When Barack Obama was receiving the Nobel Peace Prize in late 2009, the 44th President of the United States proclaimed that: ”The world may no longer shudder at the prospect of war between two nuclear superpowers, but proliferation may increase the risk of (nuclear) catastrophe. Those who seek peace cannot stand idly by as nations arm themselves for nuclear war”. Today, less than a decade ago, we are witnessing the gradual materialization of this threat. Not only President Obama failed to deliver on a number of nuclear security-related initiatives, like the Comprehensive Test Ban Treaty, Nuclear Cut-Off Treaty, but we have not seen neither a dramatic change in US nuclear posture, nor any sizeable cut in the US nuclear stockpiles. Not to mention the questionable deliveries of President Obama´s diplomatic offensive in the name of stopping proliferation around the globe. Obviously, it would be foolish to blame the previous two US administrations for the global state of nuclear (in)security, however it is adequate to note that the past leaders of ´free world´ have been underperforming – both in terms of the expectation and likely, also in terms of actual possibilities.
With the arrival of the Trump administration, the American nuclear politics finds itself in a dilemma between a risky continuation of the Obama approach and even a riskier policy of nuclear assertiveness. To whatever extent sensational they are, nuclear (in)security matters of today mostly fly under the radar of the public attention. Obviously, the heated verbal exchange between the leaders of North Korea and America have recently brought some light on nuclear affairs, but given the scope of the challenge, this can hardly suffice if we are serious about prioritizing between serious and vital threats. Make no mistake, the threat of a nuclear exchange is both vital and present.
Continuing on the previous note: even the most attentive global observers were stunned when, in April, President Trump warned in an interview with Reuters that a “major, major conflict” with North Korea was possible as this was followed by fast (and a telling) affirmation from China´s highest official circles, claiming that indeed, the situation on the Korean peninsula could inadvertently slip out of control.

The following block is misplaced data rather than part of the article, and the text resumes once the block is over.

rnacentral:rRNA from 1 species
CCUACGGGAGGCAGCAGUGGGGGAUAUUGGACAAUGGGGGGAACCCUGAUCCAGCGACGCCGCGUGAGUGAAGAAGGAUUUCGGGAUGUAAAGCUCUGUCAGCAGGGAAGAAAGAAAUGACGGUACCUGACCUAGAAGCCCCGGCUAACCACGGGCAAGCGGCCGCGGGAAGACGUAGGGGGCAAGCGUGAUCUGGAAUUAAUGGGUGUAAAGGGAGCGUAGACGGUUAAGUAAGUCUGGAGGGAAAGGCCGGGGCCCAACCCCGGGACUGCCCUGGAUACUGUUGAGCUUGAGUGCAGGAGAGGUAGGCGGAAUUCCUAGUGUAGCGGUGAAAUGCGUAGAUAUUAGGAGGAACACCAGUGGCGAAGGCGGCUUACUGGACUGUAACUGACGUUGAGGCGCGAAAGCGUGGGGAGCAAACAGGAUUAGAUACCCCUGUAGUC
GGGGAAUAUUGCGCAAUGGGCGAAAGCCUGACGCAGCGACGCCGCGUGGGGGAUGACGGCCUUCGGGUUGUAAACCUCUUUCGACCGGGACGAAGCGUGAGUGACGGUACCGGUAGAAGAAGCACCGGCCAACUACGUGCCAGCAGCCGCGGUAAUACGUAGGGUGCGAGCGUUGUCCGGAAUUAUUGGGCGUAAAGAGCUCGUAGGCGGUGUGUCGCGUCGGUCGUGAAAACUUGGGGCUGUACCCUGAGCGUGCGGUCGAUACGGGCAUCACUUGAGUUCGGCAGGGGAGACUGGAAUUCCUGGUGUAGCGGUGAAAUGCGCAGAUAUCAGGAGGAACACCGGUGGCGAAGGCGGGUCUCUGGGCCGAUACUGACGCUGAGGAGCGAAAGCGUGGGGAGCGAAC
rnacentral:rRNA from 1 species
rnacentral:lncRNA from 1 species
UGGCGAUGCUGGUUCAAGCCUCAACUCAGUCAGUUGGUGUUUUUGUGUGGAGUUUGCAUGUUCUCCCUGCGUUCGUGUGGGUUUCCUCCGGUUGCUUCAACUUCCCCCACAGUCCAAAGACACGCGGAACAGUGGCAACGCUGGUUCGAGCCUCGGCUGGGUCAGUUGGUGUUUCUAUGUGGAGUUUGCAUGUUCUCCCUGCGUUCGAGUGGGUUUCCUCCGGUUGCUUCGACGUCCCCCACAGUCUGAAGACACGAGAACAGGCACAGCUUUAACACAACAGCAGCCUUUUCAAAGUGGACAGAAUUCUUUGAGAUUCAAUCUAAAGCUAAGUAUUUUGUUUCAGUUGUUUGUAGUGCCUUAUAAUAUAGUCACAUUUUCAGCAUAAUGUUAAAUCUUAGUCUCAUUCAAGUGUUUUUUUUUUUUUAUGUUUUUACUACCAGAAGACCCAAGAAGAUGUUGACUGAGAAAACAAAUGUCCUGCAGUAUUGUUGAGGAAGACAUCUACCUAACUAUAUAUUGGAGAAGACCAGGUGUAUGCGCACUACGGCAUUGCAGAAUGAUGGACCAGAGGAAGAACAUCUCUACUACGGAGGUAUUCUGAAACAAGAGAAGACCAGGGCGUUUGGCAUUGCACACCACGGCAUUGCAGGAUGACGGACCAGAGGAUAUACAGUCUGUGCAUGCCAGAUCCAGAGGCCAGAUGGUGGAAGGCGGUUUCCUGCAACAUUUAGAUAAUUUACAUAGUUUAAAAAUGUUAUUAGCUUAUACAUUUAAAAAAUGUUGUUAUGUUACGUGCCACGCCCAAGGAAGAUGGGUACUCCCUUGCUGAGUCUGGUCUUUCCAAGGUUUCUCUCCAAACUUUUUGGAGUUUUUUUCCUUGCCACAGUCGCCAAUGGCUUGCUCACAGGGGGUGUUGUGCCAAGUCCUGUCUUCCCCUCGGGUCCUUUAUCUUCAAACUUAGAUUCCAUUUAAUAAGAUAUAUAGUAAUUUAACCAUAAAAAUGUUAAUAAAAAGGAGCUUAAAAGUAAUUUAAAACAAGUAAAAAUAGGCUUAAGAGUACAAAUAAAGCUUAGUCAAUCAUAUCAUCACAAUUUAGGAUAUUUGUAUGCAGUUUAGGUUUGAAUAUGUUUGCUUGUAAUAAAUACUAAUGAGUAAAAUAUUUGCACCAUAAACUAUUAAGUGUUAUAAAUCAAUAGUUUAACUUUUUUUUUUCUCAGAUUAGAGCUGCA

Suffering from the total lack of prospect of at least minimal economic progress, North Korea is now threatening the global community with another nuclear test – it would be its sixth throughout the course of the past eleven years. Despite its isolation, North Korea has been able to put its nuclear program on a continuously moving track and unless something profoundly changes in years to come, the regime could possess circa 50 nuclear warheads by the end of President Trump’s tenure. The new sanctions bill passed in the past weeks by the US Congress will have virtually zero impact in preventing the further nuclearization of North Korea. Like it or not, to date neither threats nor diplomacy has worked in getting the “Hermite Kingdom” seriously committing to disarmament. And whether the new US administration admits it or not, it wants North Korea to be at negotiating table just as much as its predecessors wanted. The relatively short history of nuclear weapons shows us that countries are very unlikely to give up their nuclear arsenal – unless there's a profound change in the inner political and societal circumstances. That was the case of South Africa giving up its arsenal simultaneously with the defeat of the apartheid. Will an analogous change happen in North Korea? Given, the mid and long-term predictivity of the regime in Pyongyang, it really could be anyone´s guess.